Mechanism Design, Social Choice Theory, Institution Design
Recent Research Interests
My research interests are in mechanism design theory, which is an application of game theory to institution design. The theory investigates the possibility of designing institutions (mechanisms) that make it possible for a social planner to realize desirable allocations of goods or collective decisions when agents are strategic and their preferences or opinions over all possible outcomes are private information. Applications of the theory include the designs of voting rules, rules for public goods provision, auction procedures, and matching markets. My current research explores the design of rules for selecting prize-winners or persons undertaking tasks in an impartial way, with the goal of finding reasonable selection rules that make it possible to always select suitable persons by avoiding strategic misrepresentation of opinions by selfish agents.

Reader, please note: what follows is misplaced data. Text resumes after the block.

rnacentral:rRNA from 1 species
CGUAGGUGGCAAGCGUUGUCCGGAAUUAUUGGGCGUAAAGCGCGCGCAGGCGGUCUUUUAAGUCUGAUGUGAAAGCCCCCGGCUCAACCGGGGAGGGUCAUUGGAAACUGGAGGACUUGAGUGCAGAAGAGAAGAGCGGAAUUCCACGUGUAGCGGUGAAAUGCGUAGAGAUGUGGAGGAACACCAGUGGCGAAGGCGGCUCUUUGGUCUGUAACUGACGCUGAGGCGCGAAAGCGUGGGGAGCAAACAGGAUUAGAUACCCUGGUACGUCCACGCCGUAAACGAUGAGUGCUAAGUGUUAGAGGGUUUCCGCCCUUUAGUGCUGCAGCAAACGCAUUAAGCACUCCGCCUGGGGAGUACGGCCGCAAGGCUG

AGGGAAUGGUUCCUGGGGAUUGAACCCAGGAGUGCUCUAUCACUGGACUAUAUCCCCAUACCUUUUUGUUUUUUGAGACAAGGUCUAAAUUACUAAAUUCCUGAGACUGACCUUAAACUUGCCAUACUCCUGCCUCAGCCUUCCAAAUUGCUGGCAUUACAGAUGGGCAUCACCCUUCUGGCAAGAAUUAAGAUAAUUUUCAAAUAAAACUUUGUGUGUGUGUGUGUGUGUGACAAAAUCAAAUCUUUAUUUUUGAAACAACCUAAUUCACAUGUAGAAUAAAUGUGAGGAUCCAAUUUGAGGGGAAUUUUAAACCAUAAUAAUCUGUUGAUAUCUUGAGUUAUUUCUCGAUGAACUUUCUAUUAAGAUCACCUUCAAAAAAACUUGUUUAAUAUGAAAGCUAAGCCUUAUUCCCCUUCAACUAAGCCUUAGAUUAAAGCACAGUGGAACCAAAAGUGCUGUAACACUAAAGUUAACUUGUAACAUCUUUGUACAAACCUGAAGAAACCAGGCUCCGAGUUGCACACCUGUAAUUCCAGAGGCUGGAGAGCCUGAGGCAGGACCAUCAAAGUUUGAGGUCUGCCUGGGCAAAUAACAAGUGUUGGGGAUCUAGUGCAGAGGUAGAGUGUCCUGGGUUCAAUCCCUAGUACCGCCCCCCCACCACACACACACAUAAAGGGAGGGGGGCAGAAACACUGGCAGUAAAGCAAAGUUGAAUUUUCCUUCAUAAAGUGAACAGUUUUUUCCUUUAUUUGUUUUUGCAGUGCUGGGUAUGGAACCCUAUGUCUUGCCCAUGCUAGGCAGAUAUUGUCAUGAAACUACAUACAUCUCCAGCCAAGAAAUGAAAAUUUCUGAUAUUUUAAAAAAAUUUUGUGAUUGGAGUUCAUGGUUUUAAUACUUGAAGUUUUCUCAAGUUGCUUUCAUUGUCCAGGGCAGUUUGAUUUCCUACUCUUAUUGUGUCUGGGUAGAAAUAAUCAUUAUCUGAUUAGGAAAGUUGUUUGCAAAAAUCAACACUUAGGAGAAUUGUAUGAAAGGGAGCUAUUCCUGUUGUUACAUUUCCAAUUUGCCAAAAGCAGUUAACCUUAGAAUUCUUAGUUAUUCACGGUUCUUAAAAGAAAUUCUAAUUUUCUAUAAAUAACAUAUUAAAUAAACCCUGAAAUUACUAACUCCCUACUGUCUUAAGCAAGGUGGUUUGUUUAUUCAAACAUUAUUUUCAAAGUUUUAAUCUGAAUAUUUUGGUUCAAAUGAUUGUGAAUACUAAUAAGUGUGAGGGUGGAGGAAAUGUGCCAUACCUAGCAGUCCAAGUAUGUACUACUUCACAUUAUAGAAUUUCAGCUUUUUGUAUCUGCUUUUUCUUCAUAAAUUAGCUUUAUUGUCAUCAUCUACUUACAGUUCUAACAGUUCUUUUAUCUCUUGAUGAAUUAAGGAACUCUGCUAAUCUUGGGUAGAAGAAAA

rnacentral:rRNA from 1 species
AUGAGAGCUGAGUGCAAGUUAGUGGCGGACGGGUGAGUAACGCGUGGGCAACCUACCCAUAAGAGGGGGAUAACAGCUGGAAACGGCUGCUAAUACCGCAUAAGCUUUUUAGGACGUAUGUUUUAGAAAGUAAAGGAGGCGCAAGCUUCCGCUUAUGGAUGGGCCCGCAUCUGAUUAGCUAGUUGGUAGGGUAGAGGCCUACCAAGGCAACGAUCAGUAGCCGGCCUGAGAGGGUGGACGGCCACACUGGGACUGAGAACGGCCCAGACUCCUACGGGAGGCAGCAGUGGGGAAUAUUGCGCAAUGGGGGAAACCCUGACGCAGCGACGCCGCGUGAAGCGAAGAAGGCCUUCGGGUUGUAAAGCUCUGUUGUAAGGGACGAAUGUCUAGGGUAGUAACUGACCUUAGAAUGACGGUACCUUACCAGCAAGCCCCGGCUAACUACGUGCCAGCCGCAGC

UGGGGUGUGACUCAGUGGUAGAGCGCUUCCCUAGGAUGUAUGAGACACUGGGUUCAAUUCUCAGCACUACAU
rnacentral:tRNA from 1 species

- “Characterizing minimal impartial rules for awarding prizes.” Games and Economic Behavior, Vol.95, pp.41-46. （Available online: 17 December 2015）
- “Strategy-proofness versus symmetry in economies with an indivisible good and money.” International Journal of Game Theory, Vol.44, pp.195-207 (joint with Miki Kato and Shinji Ohseto). （Available online: 13 May 2014）
- “Impartial nomination correspondences.” Social Choice and Welfare, Vol.43, pp.47-54 (joint with Shinji Ohseto).（Available online: 5 November 2013）